You can continue to breastfeed after you return to work. But it is important to think ahead about practical issues, such as where to store your pumped milk.
Some issues to consider include:
Employer support. Before your child is born, talk to your employer about your breastfeeding plans. Point out the benefits of continuing to breastfeed, such as greater personal satisfaction and possibly fewer sick days off because of your breastfed baby's reduced risk of some illnesses.
Timing. If possible, wait at least 4 to 6 weeks after the birth of your baby before returning to work. This helps ensure that your milk production is established. Try to time your first day back toward the end of the workweek rather than the beginning. This helps you adjust to working again.
Logistics. Work out the details of where you can pump or breastfeed, and how you will store your breast milk. Also, plan for how frequently you will need to breastfeed or pump and how long it will take. You may be able to pump your breasts during your normally scheduled breaks or over your lunch period. To minimize the number of breaks you need to take at work, breastfeed just before and after work.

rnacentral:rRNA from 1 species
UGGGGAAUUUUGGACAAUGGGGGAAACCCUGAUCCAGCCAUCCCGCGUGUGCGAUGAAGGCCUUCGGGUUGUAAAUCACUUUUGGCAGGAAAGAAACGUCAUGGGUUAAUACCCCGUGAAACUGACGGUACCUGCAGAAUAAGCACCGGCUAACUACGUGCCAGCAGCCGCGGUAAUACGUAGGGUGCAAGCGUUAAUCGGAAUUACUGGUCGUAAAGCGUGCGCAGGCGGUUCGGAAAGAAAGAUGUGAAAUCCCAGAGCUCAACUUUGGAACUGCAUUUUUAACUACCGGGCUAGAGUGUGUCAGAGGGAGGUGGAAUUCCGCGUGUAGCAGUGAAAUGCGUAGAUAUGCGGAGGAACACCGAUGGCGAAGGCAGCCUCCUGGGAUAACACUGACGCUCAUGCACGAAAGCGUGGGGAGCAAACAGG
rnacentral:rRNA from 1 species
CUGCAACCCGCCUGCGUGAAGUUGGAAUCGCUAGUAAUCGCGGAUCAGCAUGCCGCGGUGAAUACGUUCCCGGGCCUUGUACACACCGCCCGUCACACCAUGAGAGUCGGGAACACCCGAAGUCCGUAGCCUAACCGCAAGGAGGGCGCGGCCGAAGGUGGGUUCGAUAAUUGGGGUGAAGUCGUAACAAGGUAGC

How to prepare your baby. If you are certain that you will be returning to work, show your baby how to drink from a bottle, or even a cup if your baby is older.
Before going back to work but after breastfeeding has been well established (usually after about a month), have someone other than yourself offer your baby a bottle of breast milk. Try this at least an hour before the next feeding is due and at a time of the day that your baby is usually happy.
Don't force the baby to drink from the bottle. If he or she refuses, wait a couple of days and try again. When your baby drinks from a bottle easily, continue to offer one every so often. About 7 to 10 days before returning to work, give the baby feedings from a bottle more regularly. You will go and pump while someone else does the feeding.
How to prepare yourself. Be aware that the first week back to work typically is the most difficult and exhausting. Plan on pumping several times a day. A typical schedule would be mid-morning, lunchtime, and mid-afternoon. Stop pumping when you have a reasonable amount of milk or after about 20 minutes, whichever comes first.
How to make sure you maintain your milk supply. If your supply is a little low, pump more often—even if only a little milk is coming out. This will tell your body that you need more milk. In a few days, your milk supply will catch up to the demand.
Author: Healthwise Staff Medical Review: Sarah Marshall MD - Family Medicine Thomas M. Bailey MD - Family Medicine Adam Husney MD - Family Medicine Kathleen Romito MD - Family Medicine Mary Robbins RNC, IBCLC - Lactation Consultant Kirtly Jones MD - Obstetrics and Gynecology
Medical Review:Sarah Marshall MD - Family Medicine & Thomas M. Bailey MD - Family Medicine & Adam Husney MD - Family Medicine & Kathleen Romito MD - Family Medicine & Mary Robbins RNC, IBCLC - Lactation Consultant & Kirtly Jones MD - Obstetrics and Gynecology
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